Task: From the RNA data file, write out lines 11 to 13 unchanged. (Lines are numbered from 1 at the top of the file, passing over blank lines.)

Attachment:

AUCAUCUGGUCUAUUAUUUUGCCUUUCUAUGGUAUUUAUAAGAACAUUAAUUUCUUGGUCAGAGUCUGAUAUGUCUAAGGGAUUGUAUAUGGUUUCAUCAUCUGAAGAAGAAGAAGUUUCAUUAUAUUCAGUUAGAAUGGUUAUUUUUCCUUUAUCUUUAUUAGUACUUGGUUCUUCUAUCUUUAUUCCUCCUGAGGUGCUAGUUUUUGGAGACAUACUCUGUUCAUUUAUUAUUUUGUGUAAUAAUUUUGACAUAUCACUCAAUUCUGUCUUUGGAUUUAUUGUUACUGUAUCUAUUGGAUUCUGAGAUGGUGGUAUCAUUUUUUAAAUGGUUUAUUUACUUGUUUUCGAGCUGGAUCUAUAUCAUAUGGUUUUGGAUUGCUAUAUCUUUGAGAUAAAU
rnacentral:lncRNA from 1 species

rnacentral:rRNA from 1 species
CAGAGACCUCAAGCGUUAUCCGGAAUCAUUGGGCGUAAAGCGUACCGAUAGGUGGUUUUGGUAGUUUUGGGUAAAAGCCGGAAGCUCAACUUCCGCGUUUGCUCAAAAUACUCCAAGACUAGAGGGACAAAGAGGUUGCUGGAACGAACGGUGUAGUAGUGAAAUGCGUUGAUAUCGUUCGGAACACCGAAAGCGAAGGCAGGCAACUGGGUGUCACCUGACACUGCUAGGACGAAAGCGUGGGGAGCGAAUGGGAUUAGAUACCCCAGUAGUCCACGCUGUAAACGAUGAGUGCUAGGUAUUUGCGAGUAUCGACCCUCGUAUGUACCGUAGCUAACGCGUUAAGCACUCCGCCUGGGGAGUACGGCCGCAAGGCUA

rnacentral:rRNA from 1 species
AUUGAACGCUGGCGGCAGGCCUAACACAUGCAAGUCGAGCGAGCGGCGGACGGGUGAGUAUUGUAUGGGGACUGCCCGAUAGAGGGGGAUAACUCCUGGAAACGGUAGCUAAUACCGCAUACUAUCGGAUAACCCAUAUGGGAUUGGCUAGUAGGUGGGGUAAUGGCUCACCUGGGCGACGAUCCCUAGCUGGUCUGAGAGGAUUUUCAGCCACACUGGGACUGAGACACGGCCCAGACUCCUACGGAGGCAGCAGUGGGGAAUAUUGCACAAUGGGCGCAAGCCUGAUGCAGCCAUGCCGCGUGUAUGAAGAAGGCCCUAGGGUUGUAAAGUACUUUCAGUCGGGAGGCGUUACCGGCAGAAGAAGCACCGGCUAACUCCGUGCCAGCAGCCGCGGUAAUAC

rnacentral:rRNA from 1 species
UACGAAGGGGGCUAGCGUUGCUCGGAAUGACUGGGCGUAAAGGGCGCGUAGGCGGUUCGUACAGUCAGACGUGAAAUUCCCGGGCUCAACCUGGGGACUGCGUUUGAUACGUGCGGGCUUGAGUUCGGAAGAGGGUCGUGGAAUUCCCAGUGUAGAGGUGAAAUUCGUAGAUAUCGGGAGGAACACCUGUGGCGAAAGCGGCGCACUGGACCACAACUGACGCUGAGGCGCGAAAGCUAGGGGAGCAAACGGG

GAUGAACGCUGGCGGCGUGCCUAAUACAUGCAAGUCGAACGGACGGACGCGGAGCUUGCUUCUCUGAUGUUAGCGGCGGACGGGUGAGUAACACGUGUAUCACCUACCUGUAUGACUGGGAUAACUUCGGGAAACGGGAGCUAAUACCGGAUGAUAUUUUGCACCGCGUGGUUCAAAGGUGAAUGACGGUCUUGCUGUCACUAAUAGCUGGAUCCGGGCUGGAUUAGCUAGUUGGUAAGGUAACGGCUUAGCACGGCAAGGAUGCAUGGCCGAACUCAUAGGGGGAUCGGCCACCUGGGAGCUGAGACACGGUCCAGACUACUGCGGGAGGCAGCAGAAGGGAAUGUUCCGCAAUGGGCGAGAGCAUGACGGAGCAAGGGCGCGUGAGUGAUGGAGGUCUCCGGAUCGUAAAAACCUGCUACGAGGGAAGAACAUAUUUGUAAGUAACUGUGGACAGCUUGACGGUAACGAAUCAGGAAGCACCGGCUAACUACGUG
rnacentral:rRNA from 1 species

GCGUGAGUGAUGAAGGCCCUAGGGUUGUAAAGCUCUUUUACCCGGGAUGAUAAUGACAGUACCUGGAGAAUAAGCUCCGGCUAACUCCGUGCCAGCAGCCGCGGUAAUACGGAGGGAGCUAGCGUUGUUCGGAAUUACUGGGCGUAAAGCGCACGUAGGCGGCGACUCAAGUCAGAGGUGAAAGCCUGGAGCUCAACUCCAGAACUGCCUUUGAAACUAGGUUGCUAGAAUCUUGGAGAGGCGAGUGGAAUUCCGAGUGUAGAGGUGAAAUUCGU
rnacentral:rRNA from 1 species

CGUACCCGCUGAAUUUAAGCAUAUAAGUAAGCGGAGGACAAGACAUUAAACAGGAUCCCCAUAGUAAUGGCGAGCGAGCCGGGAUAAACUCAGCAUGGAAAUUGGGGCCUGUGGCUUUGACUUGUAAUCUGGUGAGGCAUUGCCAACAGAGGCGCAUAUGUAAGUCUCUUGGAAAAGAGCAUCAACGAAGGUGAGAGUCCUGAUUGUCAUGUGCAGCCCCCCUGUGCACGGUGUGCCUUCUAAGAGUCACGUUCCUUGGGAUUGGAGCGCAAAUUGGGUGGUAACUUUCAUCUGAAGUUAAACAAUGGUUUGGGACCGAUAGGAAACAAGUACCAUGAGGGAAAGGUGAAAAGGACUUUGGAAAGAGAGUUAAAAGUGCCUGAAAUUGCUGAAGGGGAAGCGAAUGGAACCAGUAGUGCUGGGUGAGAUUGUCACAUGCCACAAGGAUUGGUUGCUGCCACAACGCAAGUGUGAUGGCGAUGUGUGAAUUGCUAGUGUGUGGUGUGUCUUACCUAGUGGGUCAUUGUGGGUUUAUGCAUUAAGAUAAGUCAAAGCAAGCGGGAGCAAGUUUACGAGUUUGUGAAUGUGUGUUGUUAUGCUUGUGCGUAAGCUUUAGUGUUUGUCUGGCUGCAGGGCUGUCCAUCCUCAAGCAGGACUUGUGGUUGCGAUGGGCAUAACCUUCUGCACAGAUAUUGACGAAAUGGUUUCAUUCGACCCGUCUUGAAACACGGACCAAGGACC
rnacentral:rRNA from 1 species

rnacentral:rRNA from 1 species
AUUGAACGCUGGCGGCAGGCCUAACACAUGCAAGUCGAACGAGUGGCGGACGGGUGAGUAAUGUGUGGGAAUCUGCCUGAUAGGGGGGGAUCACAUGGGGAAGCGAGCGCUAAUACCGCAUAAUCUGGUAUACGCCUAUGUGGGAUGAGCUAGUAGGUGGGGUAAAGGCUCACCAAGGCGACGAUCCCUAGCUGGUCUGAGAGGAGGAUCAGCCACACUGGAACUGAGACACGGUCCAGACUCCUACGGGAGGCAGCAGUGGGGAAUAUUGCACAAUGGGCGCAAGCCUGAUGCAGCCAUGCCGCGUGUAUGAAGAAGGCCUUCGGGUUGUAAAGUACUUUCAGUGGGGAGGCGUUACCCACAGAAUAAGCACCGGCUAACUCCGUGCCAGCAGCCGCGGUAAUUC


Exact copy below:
GCGUGAGUGAUGAAGGCCCUAGGGUUGUAAAGCUCUUUUACCCGGGAUGAUAAUGACAGUACCUGGAGAAUAAGCUCCGGCUAACUCCGUGCCAGCAGCCGCGGUAAUACGGAGGGAGCUAGCGUUGUUCGGAAUUACUGGGCGUAAAGCGCACGUAGGCGGCGACUCAAGUCAGAGGUGAAAGCCUGGAGCUCAACUCCAGAACUGCCUUUGAAACUAGGUUGCUAGAAUCUUGGAGAGGCGAGUGGAAUUCCGAGUGUAGAGGUGAAAUUCGU
rnacentral:rRNA from 1 species

CGUACCCGCUGAAUUUAAGCAUAUAAGUAAGCGGAGGACAAGACAUUAAACAGGAUCCCCAUAGUAAUGGCGAGCGAGCCGGGAUAAACUCAGCAUGGAAAUUGGGGCCUGUGGCUUUGACUUGUAAUCUGGUGAGGCAUUGCCAACAGAGGCGCAUAUGUAAGUCUCUUGGAAAAGAGCAUCAACGAAGGUGAGAGUCCUGAUUGUCAUGUGCAGCCCCCCUGUGCACGGUGUGCCUUCUAAGAGUCACGUUCCUUGGGAUUGGAGCGCAAAUUGGGUGGUAACUUUCAUCUGAAGUUAAACAAUGGUUUGGGACCGAUAGGAAACAAGUACCAUGAGGGAAAGGUGAAAAGGACUUUGGAAAGAGAGUUAAAAGUGCCUGAAAUUGCUGAAGGGGAAGCGAAUGGAACCAGUAGUGCUGGGUGAGAUUGUCACAUGCCACAAGGAUUGGUUGCUGCCACAACGCAAGUGUGAUGGCGAUGUGUGAAUUGCUAGUGUGUGGUGUGUCUUACCUAGUGGGUCAUUGUGGGUUUAUGCAUUAAGAUAAGUCAAAGCAAGCGGGAGCAAGUUUACGAGUUUGUGAAUGUGUGUUGUUAUGCUUGUGCGUAAGCUUUAGUGUUUGUCUGGCUGCAGGGCUGUCCAUCCUCAAGCAGGACUUGUGGUUGCGAUGGGCAUAACCUUCUGCACAGAUAUUGACGAAAUGGUUUCAUUCGACCCGUCUUGAAACACGGACCAAGGACC